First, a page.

Anders Søndberg Sørensen
Blegdamsvej 17, 2100 København Ø, Bygning T, Building: 12-0-Ta1a
2001: Ph.D. in physics, University of Århus.
1999: Master of Science in physics and chemistry, University of Århus.
2012: ERC starting grant for research on Quantum interfaces and open systems. 10.7 MDkr.
2011: Jens Martin Award: Received the teaching award of the Niels Bohr Institute 2011. The award is named after Jens Martin Knudsen (Danish astrophysicist).
2007:Silver medal and price of Dkr 100.000 from the Royal Danish Academy of Sciences and Letters. The medal is awarded each year to a under the age of 40. The recipients alternate between science and humanities.
2003: Finalist in DAMOP (Division of Atomic, Molecular and Optical Physics of the American Physical Society) outstanding doctoral thesis award.
Conferences and schools organized
Ph.D. School on Quantum and Non-Linear Optics. Hven, Sweden, August 2008.
Solid state quantum information systems. Workshop at the Niels Bohr International Academy. Organized in collaboration with Karsten Flensberg. Copenhagen, Denmark, June-July 2007.
Continuous Variable Quantum Information Workshop. Workshop organized by Eugene Polzik, Nicolas Cerf and Anders S. Sørensen. Copenhagen, Denmark, May
Mesoscopic Physics, Quantum Optics, and Quantum Information Itamp workshop organized by Mikhail Lukin, Charles Marcus, and Anders S. Sørensen. Cambridge, Ma., May 2004.
Chairman of Colloquium committee: main organizer of Niels Bohr Lectures and
Niels Bohr institute colloquiums, summer 2006-summer 2009.
Steering committee QNLO: member of the steering committee of the research education program Quantum and nonlinear opics (QNLO) aiming at improving the Ph.D. education in quantum and nonlinear optics at the Danish Technical University and the University of Copenhagen. Summer 2007-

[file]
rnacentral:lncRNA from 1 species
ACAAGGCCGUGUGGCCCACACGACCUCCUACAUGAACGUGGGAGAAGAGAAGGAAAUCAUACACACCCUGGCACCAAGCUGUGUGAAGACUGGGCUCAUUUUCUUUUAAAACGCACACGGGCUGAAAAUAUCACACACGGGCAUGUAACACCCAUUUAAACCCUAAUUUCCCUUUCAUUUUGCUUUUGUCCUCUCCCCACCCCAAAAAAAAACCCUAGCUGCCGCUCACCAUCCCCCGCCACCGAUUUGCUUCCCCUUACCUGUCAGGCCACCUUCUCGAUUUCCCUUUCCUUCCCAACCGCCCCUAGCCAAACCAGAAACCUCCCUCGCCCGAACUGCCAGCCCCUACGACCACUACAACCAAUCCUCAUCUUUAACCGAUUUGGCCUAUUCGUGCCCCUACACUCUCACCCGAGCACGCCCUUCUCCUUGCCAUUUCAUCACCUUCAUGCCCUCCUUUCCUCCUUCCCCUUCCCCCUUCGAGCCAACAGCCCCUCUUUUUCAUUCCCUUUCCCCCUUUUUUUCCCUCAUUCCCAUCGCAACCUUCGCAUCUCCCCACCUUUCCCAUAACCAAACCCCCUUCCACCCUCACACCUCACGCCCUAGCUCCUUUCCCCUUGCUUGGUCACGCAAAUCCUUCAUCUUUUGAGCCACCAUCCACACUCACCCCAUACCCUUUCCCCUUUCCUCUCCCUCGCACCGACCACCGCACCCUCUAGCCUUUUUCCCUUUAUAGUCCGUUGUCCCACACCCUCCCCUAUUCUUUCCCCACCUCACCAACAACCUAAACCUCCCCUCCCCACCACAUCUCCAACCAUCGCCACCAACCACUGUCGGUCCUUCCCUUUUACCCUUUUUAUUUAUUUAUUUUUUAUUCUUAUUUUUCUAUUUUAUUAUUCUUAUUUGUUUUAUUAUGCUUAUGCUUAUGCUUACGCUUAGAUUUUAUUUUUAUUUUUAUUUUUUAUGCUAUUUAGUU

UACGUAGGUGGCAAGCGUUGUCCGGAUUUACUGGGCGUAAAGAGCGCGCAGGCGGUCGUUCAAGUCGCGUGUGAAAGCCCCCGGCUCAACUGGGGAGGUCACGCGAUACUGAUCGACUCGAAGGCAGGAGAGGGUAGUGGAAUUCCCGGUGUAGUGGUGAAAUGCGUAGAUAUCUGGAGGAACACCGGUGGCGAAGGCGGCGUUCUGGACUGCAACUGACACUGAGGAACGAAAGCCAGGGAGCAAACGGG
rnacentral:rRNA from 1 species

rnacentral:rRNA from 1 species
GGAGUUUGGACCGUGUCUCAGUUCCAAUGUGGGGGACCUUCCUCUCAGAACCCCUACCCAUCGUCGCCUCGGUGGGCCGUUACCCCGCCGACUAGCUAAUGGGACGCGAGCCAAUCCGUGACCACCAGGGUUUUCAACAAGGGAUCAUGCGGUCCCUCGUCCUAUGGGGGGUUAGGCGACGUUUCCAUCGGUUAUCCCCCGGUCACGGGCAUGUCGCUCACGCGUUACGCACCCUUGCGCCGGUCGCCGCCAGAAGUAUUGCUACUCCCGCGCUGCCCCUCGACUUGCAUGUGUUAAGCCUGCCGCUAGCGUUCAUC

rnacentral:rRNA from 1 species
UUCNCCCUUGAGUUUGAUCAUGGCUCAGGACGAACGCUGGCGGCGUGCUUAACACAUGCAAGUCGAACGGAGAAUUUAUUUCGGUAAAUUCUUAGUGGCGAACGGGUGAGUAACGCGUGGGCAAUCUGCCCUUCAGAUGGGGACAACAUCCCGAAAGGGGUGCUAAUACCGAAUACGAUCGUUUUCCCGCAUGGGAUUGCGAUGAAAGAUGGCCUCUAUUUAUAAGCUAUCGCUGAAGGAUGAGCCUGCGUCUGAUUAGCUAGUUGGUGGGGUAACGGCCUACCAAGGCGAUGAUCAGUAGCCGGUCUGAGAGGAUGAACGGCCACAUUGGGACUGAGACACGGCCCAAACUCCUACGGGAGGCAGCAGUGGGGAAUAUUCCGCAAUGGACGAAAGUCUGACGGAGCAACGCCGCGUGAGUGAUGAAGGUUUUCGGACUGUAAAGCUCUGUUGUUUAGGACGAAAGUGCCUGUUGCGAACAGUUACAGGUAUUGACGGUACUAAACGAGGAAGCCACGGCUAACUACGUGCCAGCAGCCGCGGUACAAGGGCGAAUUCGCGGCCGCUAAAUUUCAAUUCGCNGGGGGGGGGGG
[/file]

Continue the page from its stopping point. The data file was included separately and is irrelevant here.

Editorial board Physical Review A: member of the editorial board of Physical Review A, 2009-
New methods to implement quantum gates between trapped ions. We developed the theory for a new method to implement quantum gates between different trapped ions in an ion trap. The gates we developed have been very successfully implemented in a number of ion trap laboratories around the world, and is currently the preferred method in most experimental groups. Our theory thus form the foundation of the most advanced experimental system for quantum computation.
Quantum optics with surface plasmons. We showed theoretically that a single emitter placed near a metallic nanowire form an ideal system for controlling single photons. The coupling thus obtained enables an efficient coupling of single emitters and single photons. Furthermore it can be used to obtain strong optical nonlinearities at the single photon level, paving the way for applications such as single photon
transistors. The ¿rst experiments have con¿rmed these theories and further experiments are underway in a number of places.
Entanglement with Bose-Einstein condensates. We showed theoretically that Bose-Einstein condensates could be used to generate quantum entanglement of atoms. These theories form the basis of recent experiments achieving such entanglement of atoms in Bose-Einstein condensates.
Optimizing quantum memories. Quantum memory for atomic ensembles is pursued in a number of laboratories around the world, but only a limited efficiency is achieved. We developed the theory for how to achieve the optimal efficiency given the available experimental resources, and this has subsequently been used to increase the efficiency achieved in experiments. In addition our theory provided a simpli¿ed and unifying picture of the underlying physics in these experiments.